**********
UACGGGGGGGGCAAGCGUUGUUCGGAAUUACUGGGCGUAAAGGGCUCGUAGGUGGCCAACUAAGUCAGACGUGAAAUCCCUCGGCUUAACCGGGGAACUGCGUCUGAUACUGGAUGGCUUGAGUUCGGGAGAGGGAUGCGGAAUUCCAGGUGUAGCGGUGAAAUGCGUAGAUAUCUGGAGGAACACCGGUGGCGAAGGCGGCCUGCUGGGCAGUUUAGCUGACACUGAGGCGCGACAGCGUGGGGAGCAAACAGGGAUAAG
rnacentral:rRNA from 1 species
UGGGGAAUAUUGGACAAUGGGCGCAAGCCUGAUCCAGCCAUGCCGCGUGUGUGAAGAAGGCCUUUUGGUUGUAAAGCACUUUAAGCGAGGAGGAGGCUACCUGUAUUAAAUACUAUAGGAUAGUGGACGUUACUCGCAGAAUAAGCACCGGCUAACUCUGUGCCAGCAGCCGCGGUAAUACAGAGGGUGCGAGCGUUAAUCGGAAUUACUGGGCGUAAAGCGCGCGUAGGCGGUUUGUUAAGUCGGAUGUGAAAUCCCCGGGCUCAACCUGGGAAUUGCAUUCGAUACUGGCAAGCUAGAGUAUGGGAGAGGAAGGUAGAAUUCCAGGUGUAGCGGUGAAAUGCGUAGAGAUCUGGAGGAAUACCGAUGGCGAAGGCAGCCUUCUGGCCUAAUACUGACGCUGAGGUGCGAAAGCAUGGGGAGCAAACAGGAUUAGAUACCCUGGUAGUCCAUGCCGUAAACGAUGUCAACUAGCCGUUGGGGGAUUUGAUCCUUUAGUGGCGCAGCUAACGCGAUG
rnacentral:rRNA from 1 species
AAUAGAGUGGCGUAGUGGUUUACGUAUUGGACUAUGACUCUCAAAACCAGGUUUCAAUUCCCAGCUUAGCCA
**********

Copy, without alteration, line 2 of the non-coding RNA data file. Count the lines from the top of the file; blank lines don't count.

rnacentral:rRNA from 1 species